Far too many school marketers neglect to follow a strategy for choosing and selecting the best keywords for their blog posts. In the cut-throat world of search engine optimization (SEO), where ranking on the first page of the Google Search Engine Result Page (SERP), it can be a costly mistake. By the same token, understanding how to select the best keywords can have a tremendous difference in the amount of inbound traffic that will find your blog post.
In order to specify the best keywords, you need to understand the keyword research process, take advantage of SEO keyword research tools and, of course, place your keywords in the correct locations.
SEO is a core marketing activity. Having success with keywords requires that you have an in-depth understanding of who your target audiences are and your message. Click here for How to Conduct a Social Media Audience Analysis for Your School…
Every search is an expression of people’s needs, wants, interest and desires. Your keyword strategy will help you analyze search trends and find search terms that are related to your school’s target audience and message.
Here are 6 simple steps to take to ensure you are using the best keywords to attract traffic to your blog.
Step 1. Get Keyword Suggestions
Google has more search data than any other entity, so start by getting keyword suggestions from Google.
Use the Google suggest tool by typing a phrase into the Google search field. Google is guessing what you need based on the popularity of past searches. Obviously, this will only take you so far, but it can be a starting point. You might find a keyword that makes sense and start working with it. For example, if I start typing in “find blog topics” Google suggest brings up:
- find blog topics
- find trending blog topics
- ways to find blog topics
- best way to find blog topics
Google Trends uses historical data to supply a representation of searches over time. You can choose from several different filtering options, such as region, time frame, categories and more. Google Trends is a powerful tool for researching regional or local search insights. Google Trends includes a comparison feature that allows you to compare keywords or phrases over time and in different regions, giving you a visualization of the performance of each term. Google trends is a valuable tool to help you find popular keywords over time and in specific areas.
The Google Adwords Keyword Planner was designed to serve the needs of Google Adwords pay-per-click (PPC) customers. However, anyone can create a Google Adwords account and access the Keyword Planner for free.
The benefit of using Google’s keyword planner is the extensive amount of data accessible. It will help you gather the volume of search data for each keyword you enter as well as discover related keywords. You can enter an idea (or several ideas) and the keyword tool will generate up to 800 suggestions collected from Google’s massive database.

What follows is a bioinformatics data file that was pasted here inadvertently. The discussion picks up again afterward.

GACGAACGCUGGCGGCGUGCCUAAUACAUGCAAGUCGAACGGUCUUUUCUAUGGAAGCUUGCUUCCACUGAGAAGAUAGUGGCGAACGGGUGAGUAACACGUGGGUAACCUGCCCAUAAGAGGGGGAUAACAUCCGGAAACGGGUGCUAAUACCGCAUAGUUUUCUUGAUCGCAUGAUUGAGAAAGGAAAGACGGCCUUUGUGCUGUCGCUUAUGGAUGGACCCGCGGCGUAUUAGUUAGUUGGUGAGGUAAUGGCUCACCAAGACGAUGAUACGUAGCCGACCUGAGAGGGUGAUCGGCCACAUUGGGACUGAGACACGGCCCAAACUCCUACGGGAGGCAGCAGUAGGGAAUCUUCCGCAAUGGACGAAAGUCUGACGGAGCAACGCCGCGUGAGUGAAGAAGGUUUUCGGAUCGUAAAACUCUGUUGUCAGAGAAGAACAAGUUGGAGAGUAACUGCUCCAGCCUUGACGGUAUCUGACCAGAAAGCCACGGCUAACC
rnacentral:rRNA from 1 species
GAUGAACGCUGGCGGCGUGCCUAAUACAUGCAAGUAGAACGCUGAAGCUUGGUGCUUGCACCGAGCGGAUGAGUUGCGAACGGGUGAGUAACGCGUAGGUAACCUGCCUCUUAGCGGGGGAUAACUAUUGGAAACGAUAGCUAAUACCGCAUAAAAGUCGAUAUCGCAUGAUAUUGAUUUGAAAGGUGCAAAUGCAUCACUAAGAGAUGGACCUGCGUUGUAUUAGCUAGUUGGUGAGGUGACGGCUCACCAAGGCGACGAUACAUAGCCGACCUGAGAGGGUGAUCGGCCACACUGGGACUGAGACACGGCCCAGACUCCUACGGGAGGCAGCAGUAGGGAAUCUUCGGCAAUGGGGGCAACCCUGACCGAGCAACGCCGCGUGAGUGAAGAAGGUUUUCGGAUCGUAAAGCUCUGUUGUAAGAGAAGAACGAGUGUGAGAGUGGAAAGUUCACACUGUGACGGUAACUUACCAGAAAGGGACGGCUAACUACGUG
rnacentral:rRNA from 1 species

Google Searches Related To
Gather more keyword suggestions from Google by looking at the bottom of your SERP. Google will generate more ideas that will link to a new SERP. Try using these related phrases in a variety of ways:
- Select one as your focus keyword
- Use one or more of the phrases in your post for semantic search purposes
- Use one of these topics and start your search over
KeywordTool.io is Google Suggest on steroids. This tool will help you discover thousands of long-tail keywords so you can begin to build your keyword strategy. Long-tail keywords are keyword phrases that contain three or more words. These are going to be more specific and therefore more likely to attract your target audience.
Step #2. Find Related Questions
The most successful bloggers think of every search as a question in the mind of the searcher. For example, the question I suspect in the back of the minds of the readers of this blog post might be “How can I easily research better keywords for my school’s blog posts?” Understanding the question behind the search will help you choose the best keywords for your post.
There are several research tools that deliver questions people ask search engines.
AnswerThePublic is one of my favorite free tools. Enter a keyword or phrase and the tool returns a visualization or data list of related questions that have been asked of search engines. The results can be sorted, saved, downloaded and shared.
If I enter “blog topics” into the search bar, Answer The Public provides 18 questions, 67 preposition, 15 comparisons, 360 alphabeticals and 20 related questions.
Quora is a forum where people can ask – and answer – almost any question imaginable. Most of the time you can find a wide variety of questions related to your keyword as well as some very good answers that you can use to start researching your blog post.
Answers is very similar to Quora. One very nice feature of Answers is the Advanced Search, where you can add or omit a keyword or phrase. You can also specify if a Question has been answered or not, and whether you want an exact match or not.
Step #3. Conduct More Topic Research
There are other tools you can use to discover popular topics people search for on the internet. Here are some of my favorites:
Enter your keyword into the search field. Buzzsumo will generate the most popular blog titles for that keyword as well as the number of shares on different social media sites. You can also use filters to search by date and type of content, including infographics, articles, guest posts, interviews, videos, etc. Click here to view Moz article on how to dive deeper using Buzzsumo to generate content ideas.
Everyone knows about Wikipedia. Wikipedia can be a powerful library of SEO resource and ideas. Based on the thousands of minds that contribute to Wikipedia, it uses language the way people do. Go to the Contents section on the page you searched and more likely than not, you’ll find great new ideas.